Racing Point sidepods, Hockenheimring, 2019

Analysis: New sidepods are first step in Racing Point upgrade

F1 technology

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This time 12 months ago Racing Point – Force India as it was known at the time – was plunging into administration. A year on from those tough weeks, the team is in a much stronger position.

Now with secure investment the RP19’s development is continuing at pace. In Germany the team began introducing an upgrade package which will be spread over a series of events. The first step focuses on aerodynamic changes to the sidepods, mirrors and bargeboards, with more to come at subsequent races.

The team has introduced a new concept with its sidepods. These are not simply shrunken versions of the early-season spec.

The earlier spec took the undercut under the sidepod inlet and led it all the way back to the exit at the tail of the coke bottle shape. Now the sidepod contours follow that similar to Red Bull, with the undercut soon meeting a rounded jelly-mould shaped sidepod (1), before the undercut returns at the tail of the sidepod. The cooling exit formed at the back is now narrower and higher, with more of the outlet formed around the exhausts, creating less blockage in between the rear wheels.

The sidepod’s inlet area, which is bounded by the internal crash structures, is not changed, but the fin attached to the chassis side that aided airflow into the sidepod’s undercut has been removed. Additionally, the geometry of the horizontal fin (2) above the sidepod inlet is reshaped to suit the revised sidepod shape. Attached to this fin are new mirrors (3), these are following the current trend of a mirror pod bounded by fins, with the aim that the fins help direct airflow over the sidepod top, while disguised as part of the mirror housing.

As well as the sidepods the bargeboards and floor edge are also changed. The bargeboard tops formed of the three fins (4) rising up behind the boomerang are now folder over to provide a little downwash. Plus, the footplate area is revised, the scrolled sections are reshaped with a larger opening behind them (5). Further aiding outwash effect from the bargeboards is the floor edge where the longitudinal slot (6) starts earlier towards the floor leading edge.

This will be a useful collection of changes, mainly in anticipation of the larger changes due at the next races. With the midfield so close and the summer break looming, it is essential for the team that updates like this keep coming and are able to work out of the box.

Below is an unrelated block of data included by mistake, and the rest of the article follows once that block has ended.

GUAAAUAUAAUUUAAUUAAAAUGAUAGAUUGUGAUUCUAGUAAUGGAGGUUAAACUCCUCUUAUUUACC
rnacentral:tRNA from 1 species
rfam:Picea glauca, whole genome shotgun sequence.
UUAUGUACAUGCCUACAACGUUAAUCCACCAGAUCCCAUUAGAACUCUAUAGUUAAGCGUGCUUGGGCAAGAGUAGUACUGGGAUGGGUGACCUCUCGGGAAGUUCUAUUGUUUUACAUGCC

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Craig Scarborough
Craig Scarborough is RaceFans' new technical contributor for 2019....

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  • 3 comments on “Analysis: New sidepods are first step in Racing Point upgrade”

    1. Very nice graphic there, Craig. The yellow outlines help a lot in seeing the exact shape of the part you’re referring to.

    2. Fascinating articles, always. I do wish there were archives of similar stuff going back to at least the start of the ground effect era but sadly F1 was far too fast moving for the times, and many little details were lost in the pre-instant comms era.

      I feel it is exactly the ephemeral nature of these aero updates that make them so interesting as you never know where the next great idea may come from, and I’m very glad we are unlikely to miss it with guys like Scarbs and Piola going to great lengths to keep us in the loop.

      An aside: generally in these aero update articles there’s always a couple of posters pointing out the futility/wastefulness of teams spending millions on seemingly minor mods. I can see their point, but surely this is better than stasis? As it is with the sheer amount of prescriptive rules cars haven’t really changed a whole lot appearance wise in an awfully long time, so we should appreciate the creativity of some of the biggest brains out there doing what they can, surely?

    3. I’m not well-versed enough in engineering to pretend knowing all these things, but there are two things that could be noticed this weekend with the RP’s — first, they’re faster, but second, both Perez and Stroll seemed to have had some handling issues.

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